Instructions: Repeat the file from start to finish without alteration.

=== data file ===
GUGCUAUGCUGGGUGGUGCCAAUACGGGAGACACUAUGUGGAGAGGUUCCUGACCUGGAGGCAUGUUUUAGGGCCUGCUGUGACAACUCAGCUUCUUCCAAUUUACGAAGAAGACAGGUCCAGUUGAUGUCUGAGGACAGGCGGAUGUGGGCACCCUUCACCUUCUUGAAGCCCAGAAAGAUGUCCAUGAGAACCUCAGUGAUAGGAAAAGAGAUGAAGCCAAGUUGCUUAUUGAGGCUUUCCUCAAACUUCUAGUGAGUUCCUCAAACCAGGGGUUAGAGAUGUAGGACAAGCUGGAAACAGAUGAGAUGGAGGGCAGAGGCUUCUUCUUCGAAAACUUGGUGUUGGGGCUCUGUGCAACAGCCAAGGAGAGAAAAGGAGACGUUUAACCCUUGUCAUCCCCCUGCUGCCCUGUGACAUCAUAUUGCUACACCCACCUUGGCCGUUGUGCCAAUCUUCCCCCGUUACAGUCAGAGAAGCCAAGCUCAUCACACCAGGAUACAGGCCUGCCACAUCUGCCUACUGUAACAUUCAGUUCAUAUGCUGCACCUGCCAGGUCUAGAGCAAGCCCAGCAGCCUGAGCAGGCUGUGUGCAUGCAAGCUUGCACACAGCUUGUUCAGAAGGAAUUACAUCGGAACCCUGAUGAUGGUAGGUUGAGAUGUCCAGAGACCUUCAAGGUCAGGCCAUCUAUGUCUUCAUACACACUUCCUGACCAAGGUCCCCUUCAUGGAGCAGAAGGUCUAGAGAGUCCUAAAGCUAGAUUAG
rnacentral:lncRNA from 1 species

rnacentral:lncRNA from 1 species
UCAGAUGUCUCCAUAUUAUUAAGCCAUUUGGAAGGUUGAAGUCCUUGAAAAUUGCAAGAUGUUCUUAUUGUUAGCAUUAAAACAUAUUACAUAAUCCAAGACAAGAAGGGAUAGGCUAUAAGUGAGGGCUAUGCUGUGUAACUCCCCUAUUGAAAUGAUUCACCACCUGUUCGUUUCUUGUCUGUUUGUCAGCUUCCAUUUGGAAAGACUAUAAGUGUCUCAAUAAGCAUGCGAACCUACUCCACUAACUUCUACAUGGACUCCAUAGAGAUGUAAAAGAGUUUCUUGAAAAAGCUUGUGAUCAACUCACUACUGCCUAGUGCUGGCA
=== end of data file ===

GUGCUAUGCUGGGUGGUGCCAAUACGGGAGACACUAUGUGGAGAGGUUCCUGACCUGGAGGCAUGUUUUAGGGCCUGCUGUGACAACUCAGCUUCUUCCAAUUUACGAAGAAGACAGGUCCAGUUGAUGUCUGAGGACAGGCGGAUGUGGGCACCCUUCACCUUCUUGAAGCCCAGAAAGAUGUCCAUGAGAACCUCAGUGAUAGGAAAAGAGAUGAAGCCAAGUUGCUUAUUGAGGCUUUCCUCAAACUUCUAGUGAGUUCCUCAAACCAGGGGUUAGAGAUGUAGGACAAGCUGGAAACAGAUGAGAUGGAGGGCAGAGGCUUCUUCUUCGAAAACUUGGUGUUGGGGCUCUGUGCAACAGCCAAGGAGAGAAAAGGAGACGUUUAACCCUUGUCAUCCCCCUGCUGCCCUGUGACAUCAUAUUGCUACACCCACCUUGGCCGUUGUGCCAAUCUUCCCCCGUUACAGUCAGAGAAGCCAAGCUCAUCACACCAGGAUACAGGCCUGCCACAUCUGCCUACUGUAACAUUCAGUUCAUAUGCUGCACCUGCCAGGUCUAGAGCAAGCCCAGCAGCCUGAGCAGGCUGUGUGCAUGCAAGCUUGCACACAGCUUGUUCAGAAGGAAUUACAUCGGAACCCUGAUGAUGGUAGGUUGAGAUGUCCAGAGACCUUCAAGGUCAGGCCAUCUAUGUCUUCAUACACACUUCCUGACCAAGGUCCCCUUCAUGGAGCAGAAGGUCUAGAGAGUCCUAAAGCUAGAUUAG
rnacentral:lncRNA from 1 species

rnacentral:lncRNA from 1 species
UCAGAUGUCUCCAUAUUAUUAAGCCAUUUGGAAGGUUGAAGUCCUUGAAAAUUGCAAGAUGUUCUUAUUGUUAGCAUUAAAACAUAUUACAUAAUCCAAGACAAGAAGGGAUAGGCUAUAAGUGAGGGCUAUGCUGUGUAACUCCCCUAUUGAAAUGAUUCACCACCUGUUCGUUUCUUGUCUGUUUGUCAGCUUCCAUUUGGAAAGACUAUAAGUGUCUCAAUAAGCAUGCGAACCUACUCCACUAACUUCUACAUGGACUCCAUAGAGAUGUAAAAGAGUUUCUUGAAAAAGCUUGUGAUCAACUCACUACUGCCUAGUGCUGGCA